elders: Lit., “older men.” In the Bible, the Greek term pre·sbyʹte·ros refers primarily to those who hold a position of authority and responsibility in a community or a nation, although the term sometimes refers to physically older men. (See study note on Mt 16:21.) Just as older, mature men shared the responsibility of leadership and administration in communities of the ancient nation of Israel, so spiritually mature men served in the Christian congregations in the first century C.E. (1Ti 3:1-7; Tit 1:5-9) Although Paul and Barnabas were “sent out by the holy spirit” on this missionary journey, they still prayed and fasted when making appointments. Then they “entrusted [these elders] to Jehovah.” (Ac 13:1-4; 14:23) In addition to Paul and Barnabas, Titus and apparently also Timothy are described as taking part in appointing men as “elders” in the congregations. (Tit 1:5; 1Ti 5:22) There is no record of congregations independently making such appointments. The first-century congregations apparently had a number of elders who served together as a “body of elders.”—1Ti 4:14; Php 1:1.
they entrusted them to Jehovah: The Greek verb rendered “entrusted” is also used at Ac 20:32, where Paul says to the elders from Ephesus: “I entrust you to God,” and at Lu 23:46 to render Jesus’ words: “Father, into your hands I entrust my spirit.” This is a quote from Ps 31:5, where the Septuagint (30:6, LXX) uses the same Greek word for “entrust” and where the divine name appears in the immediate context of the original Hebrew text. The concept of entrusting oneself to Jehovah is expressed several times in the Hebrew Scriptures.—Ps 22:8; 37:5; Pr 16:3; see App. C3 introduction; Ac 14:23.
the word: There is good manuscript support for the reading “the word” (ton loʹgon) here, and most modern translations follow that reading. However, there are other Greek manuscripts that read “the word of the Lord,” (ton loʹgon tou Ky·riʹou; see App. C and study note on Ac 8:25) and a few ancient manuscripts read “the word of God.” Additionally, at least two translations of the Christian Greek Scriptures into Hebrew (referred to as J17, 28 in App. C4) use the divine name here and can be rendered “the word of Jehovah.”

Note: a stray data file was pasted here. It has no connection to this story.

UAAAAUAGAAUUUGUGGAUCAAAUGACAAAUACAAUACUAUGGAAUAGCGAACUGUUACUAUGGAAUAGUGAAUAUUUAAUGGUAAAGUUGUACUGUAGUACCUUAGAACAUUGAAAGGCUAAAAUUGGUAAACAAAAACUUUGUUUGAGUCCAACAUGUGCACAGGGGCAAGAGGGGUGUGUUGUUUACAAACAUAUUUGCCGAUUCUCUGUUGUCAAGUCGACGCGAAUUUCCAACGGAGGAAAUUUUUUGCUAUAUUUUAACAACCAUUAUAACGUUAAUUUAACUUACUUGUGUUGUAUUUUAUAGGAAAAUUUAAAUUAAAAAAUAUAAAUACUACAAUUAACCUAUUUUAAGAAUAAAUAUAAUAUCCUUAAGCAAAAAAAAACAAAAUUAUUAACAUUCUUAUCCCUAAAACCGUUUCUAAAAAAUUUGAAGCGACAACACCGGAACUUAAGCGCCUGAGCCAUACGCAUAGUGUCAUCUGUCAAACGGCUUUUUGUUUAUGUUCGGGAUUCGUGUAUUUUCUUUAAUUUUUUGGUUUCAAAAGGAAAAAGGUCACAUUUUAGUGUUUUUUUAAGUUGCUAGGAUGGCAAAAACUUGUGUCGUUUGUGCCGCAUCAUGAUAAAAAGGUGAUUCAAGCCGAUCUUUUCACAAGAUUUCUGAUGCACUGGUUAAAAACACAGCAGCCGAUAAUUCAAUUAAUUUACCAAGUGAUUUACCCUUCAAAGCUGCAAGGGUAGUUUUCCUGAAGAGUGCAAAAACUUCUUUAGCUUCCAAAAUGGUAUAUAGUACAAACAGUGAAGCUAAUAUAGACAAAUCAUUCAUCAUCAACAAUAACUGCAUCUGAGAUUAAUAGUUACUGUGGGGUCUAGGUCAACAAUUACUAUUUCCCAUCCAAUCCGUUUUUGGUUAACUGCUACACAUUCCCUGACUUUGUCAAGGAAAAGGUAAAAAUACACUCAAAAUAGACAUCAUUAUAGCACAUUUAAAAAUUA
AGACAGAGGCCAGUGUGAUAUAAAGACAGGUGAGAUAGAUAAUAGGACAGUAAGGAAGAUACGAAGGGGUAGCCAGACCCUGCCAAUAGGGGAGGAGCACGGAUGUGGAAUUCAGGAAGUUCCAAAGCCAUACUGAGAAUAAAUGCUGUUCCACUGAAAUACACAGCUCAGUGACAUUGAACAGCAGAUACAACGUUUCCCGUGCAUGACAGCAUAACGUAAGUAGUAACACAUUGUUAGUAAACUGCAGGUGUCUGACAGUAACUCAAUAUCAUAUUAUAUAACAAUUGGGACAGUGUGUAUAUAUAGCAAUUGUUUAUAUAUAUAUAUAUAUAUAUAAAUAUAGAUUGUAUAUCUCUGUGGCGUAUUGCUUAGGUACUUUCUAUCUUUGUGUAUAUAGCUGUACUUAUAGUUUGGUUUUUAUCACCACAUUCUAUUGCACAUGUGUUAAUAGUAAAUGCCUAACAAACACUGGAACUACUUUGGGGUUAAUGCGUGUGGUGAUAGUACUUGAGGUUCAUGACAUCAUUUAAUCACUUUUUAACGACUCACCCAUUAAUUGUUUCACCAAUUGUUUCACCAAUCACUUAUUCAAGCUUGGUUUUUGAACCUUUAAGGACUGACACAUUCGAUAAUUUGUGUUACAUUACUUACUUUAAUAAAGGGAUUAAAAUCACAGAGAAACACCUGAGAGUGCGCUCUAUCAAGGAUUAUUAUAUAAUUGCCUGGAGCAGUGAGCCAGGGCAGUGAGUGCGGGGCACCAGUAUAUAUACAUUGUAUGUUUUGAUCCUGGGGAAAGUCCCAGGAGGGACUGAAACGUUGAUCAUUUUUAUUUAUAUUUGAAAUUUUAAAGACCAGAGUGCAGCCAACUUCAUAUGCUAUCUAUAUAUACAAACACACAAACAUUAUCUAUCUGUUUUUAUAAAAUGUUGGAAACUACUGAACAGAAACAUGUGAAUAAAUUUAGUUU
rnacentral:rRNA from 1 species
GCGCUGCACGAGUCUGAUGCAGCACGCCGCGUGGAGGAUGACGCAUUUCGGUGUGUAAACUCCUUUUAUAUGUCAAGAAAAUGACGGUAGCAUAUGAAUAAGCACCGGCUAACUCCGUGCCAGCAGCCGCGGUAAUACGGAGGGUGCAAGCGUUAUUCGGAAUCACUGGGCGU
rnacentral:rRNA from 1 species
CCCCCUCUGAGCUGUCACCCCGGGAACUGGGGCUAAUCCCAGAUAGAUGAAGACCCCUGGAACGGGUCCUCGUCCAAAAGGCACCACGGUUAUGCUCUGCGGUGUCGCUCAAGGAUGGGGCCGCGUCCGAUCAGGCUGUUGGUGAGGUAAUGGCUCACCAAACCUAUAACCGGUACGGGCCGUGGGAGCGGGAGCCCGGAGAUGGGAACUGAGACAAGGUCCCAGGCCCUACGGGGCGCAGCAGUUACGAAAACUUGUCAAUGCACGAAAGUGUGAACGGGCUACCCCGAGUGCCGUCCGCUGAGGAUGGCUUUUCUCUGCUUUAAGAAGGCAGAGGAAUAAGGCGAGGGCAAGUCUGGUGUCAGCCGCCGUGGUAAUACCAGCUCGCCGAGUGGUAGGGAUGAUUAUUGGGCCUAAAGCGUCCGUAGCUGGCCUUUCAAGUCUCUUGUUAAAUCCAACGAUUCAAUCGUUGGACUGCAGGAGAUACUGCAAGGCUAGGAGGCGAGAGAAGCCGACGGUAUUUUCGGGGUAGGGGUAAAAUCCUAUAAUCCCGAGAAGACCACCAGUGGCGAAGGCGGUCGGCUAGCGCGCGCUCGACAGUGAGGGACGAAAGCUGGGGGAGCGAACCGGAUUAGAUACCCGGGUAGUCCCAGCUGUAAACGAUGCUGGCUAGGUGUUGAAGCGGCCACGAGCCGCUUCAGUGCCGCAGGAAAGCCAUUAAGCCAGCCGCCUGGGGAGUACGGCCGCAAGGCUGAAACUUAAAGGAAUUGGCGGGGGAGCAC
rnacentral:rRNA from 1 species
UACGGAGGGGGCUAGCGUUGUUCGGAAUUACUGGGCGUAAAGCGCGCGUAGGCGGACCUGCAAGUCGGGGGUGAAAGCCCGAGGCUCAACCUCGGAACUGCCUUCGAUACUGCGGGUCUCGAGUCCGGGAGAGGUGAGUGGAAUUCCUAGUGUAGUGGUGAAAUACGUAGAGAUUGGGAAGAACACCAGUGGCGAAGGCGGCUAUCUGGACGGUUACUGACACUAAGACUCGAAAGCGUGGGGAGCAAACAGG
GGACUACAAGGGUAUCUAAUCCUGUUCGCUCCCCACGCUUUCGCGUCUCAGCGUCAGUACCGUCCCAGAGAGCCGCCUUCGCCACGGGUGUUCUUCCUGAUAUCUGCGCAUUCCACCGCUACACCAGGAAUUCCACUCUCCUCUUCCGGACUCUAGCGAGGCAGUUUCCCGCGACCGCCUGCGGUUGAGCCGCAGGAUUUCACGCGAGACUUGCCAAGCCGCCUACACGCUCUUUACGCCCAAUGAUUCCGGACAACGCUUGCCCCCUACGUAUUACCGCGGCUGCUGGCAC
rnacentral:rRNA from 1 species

the word of Jehovah: This expression has its background in the Hebrew Scriptures, where it appears as a combination of a Hebrew term for “word” and the divine name. Together with the expression “Jehovah’s word,” it occurs in some 200 verses. (Some examples are found at 2Sa 12:9; 24:11; 2Ki 7:1; 20:16; 24:2; Isa 1:10; 2:3; 28:14; 38:4; Jer 1:4; 2:4; Eze 1:3; 6:1; Ho 1:1; Mic 1:1; Zec 9:1.) When this expression occurs at Zec 9:1 in an early copy of the Septuagint found at Nahal Hever, Israel, in the Judean Desert near the Dead Sea, the Greek word loʹgos is followed by the divine name written in ancient Hebrew characters (). This parchment scroll is dated between 50 B.C.E. and 50 C.E. The reasons why the New World Translation uses the expression “the word of Jehovah” in the main text, although many Greek manuscripts of Ac 8:25 read “the word of the Lord,” are explained in App. C3 introduction; Ac 8:25.
the door to faith: Or “the door of faith.” Jehovah opened this figurative door by giving people of the nations, or non-Jews, the opportunity to acquire faith. In the Scriptural sense, gaining faith includes the idea of cultivating trust that leads to obedient action. (Jas 2:17; see study note on Joh 3:16.) Paul used the term “door” in a figurative sense three times in his letters.—1Co 16:9; 2Co 2:12; Col 4:3.
exercising faith in him: Lit., “believing into him.” The Greek verb pi·steuʹo (related to the noun piʹstis, generally rendered “faith”) has the basic meaning “to believe; to have faith,” but it can express different shades of meaning, depending on context and grammatical constructions. The meaning of this term often goes beyond mere belief or recognition that someone exists. (Jas 2:19) It includes the idea of faith and trust that lead to obedient action. At Joh 3:16, the Greek verb pi·steuʹo is used together with the preposition eis, “into.” Regarding this Greek phrase, one scholar noted: “Faith is thought of as an activity, as something men do, i.e. putting faith into someone.” (An Introductory Grammar of New Testament Greek, Paul L. Kaufman, 1982, p. 46) Jesus obviously refers to a life characterized by faith, not just a single act of faith. At Joh 3:36, the similar expression “the one who exercises faith in the Son” is contrasted with “the one who disobeys the Son.” Therefore, in that context, “to exercise faith” includes the idea of demonstrating one’s strong beliefs or faith through obedience.